Pak’s ‘Kartarpur spirit’ bid to revive Khalistan ghost

The pro-Khalistan banners put up in Nankana Sahib, Pakistan. (Photo: Twitter/sikhsforjustice)

Pakistan has invoked the legacy of Guru Nanak to duck the flak from India on the 10th anniversary of the November 26-28, 2008, terror attack in Mumbai as well as to foment a new phase of Khalistani separatism in Punjab.

The dominant narrative in the India-Pakistan context this week was expected to revolve around the role of Pakistan’s state and non-state actors in staging that dastardly terror attack in India’s financial capital  10 years ago. The 26/11 anniversary was expected to remind the world how the “deep state” in Rawalpindi and Islamabad helped Lashkar-e-Toiba plan and carry out the mayhem in Mumbai – killing 160 people and injuring many more. It was to once again bring back focus on how the trial of the seven 26/11 plotters in an anti-terrorism court in Pakistan was turned into a farce and the mastermind of the attack, Hafiz Saeed, allowed to roam freely, even as he continues to spit venom against India. It is also an occasion that reminds us that 26/11 was not the last cross-border terror attack that was launched from Pakistan -- it was followed by several other strikes: Pathankot in January 2016, Uri in September that year.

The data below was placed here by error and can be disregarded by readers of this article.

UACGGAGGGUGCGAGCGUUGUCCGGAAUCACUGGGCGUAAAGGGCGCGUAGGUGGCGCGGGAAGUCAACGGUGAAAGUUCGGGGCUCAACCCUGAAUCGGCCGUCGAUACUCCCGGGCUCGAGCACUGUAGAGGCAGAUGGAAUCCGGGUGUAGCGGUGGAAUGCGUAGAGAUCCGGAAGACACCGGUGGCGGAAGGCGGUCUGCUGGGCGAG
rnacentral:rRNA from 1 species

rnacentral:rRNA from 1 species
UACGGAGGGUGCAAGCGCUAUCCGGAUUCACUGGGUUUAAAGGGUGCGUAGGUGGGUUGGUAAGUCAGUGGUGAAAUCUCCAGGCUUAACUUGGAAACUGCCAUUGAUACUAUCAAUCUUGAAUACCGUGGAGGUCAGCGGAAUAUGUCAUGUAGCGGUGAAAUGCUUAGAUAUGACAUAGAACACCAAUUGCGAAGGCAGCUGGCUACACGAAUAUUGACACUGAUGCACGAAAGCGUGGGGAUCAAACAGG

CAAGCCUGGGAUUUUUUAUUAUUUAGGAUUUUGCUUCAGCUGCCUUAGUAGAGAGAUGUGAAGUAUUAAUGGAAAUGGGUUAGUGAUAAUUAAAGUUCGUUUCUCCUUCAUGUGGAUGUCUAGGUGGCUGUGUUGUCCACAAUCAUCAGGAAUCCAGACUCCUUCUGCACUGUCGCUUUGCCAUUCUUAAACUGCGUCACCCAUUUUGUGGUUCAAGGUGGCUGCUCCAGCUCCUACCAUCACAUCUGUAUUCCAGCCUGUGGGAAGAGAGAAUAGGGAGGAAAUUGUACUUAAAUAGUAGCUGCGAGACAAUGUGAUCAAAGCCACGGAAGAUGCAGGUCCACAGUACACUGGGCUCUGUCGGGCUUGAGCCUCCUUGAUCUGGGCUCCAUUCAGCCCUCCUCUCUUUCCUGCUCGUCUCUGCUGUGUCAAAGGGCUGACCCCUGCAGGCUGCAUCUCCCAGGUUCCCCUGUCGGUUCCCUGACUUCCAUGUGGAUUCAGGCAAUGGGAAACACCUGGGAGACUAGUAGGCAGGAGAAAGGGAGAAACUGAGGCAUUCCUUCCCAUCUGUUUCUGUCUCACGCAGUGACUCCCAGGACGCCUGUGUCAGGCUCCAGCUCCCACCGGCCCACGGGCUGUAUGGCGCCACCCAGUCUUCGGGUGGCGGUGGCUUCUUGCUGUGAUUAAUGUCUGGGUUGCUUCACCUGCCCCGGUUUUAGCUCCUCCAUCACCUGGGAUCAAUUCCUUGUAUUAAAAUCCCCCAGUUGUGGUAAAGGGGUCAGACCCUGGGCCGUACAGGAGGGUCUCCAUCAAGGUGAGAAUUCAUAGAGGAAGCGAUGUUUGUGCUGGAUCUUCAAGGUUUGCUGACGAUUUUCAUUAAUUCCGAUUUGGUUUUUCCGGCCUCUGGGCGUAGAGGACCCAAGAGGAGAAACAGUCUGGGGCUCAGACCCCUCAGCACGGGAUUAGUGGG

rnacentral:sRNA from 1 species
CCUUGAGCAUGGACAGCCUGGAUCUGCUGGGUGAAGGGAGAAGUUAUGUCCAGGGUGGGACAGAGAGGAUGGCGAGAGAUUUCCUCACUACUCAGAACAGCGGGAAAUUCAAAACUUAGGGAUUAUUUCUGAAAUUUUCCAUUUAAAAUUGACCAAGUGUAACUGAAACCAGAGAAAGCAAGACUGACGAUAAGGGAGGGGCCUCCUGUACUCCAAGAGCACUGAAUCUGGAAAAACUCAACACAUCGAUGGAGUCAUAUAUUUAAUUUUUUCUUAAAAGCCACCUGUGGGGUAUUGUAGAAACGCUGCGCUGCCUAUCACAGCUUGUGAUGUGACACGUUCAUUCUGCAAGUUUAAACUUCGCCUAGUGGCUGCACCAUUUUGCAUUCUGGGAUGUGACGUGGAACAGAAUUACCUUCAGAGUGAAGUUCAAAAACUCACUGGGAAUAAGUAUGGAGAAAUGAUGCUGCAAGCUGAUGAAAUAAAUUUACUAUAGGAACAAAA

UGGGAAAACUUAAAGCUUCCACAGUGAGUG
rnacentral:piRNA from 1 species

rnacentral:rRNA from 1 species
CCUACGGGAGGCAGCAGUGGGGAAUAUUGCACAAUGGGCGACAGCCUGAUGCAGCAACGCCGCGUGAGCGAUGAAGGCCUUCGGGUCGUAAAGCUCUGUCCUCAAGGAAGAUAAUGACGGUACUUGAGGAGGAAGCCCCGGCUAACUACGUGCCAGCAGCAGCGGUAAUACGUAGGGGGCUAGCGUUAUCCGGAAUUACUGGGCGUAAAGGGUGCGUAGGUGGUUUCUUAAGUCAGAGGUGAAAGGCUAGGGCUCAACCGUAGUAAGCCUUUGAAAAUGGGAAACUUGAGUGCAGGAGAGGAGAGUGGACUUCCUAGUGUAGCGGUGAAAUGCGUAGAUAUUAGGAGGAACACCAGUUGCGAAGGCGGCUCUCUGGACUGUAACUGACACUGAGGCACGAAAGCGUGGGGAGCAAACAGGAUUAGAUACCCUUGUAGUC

Instead, Prime Minister Imran Khan’s government in Islamabad wanted a counter narrative and made up what its Foreign Minister Shah Mehmood Qureshi called the “Kartarpur Spirit”. Khan chose November 28 to formally launch construction of a corridor from Gurdwara Darbar Sahib Kartarpur in Narowal, Pakistan, to the country’s border with India. The corridor – along with the one New Delhi would build from Dera Baba Nanak at Gurdaspur in Punjab to the border between India and Pakistan – would help facilitate Indian Sikh pilgrims to visit the shrine at the final resting place of Guru Nanak, without requiring passports or visas.

Qureshi even invited his counterpart Sushma Swaraj to attend the ceremony. Swaraj wrote back that she would not be able to attend the ceremony due to “prior commitments”, but her colleagues union ministers Harsimrat Kaur Badal and Hardeep Singh Puri are set to represent the Government of India and join Khan at the formal commencement of work on the corridor.

Pakistan is playing up its move to open the ‘Kartarpur Corridor’ as a “step forward in the right direction, from conflict to cooperation, animosity to peace and enmity to friendship” with India.

The Gurdwara Darbar Sahib Kartarpur is among the holiest for the Sikhs, as it marks the place where Guru Nanak lived for 18 years and finally breathed his last in 1539. India had been proposing opening of the Kartarpur Corridor for more than 20 years, but it had failed to move Pakistan. With the 550th birth anniversary of the founder of Sikhism to be celebrated in 2019, New Delhi, on November 22 last, announced its decision to start building its stretch in India and once again urged Islamabad to build the stretch in Pakistan. Qureshi soon posted on twitter that Islamabad had already conveyed to New Delhi its decision to open the Kartarpur Corridor. It must be noted that Islamabad has agreed to open the corridor only for the 550th birth anniversary of Guru Nanak and has not committed to keeping it open beyond the ceremonies next year. New Delhi has been insisting on keeping the corridor open permanently.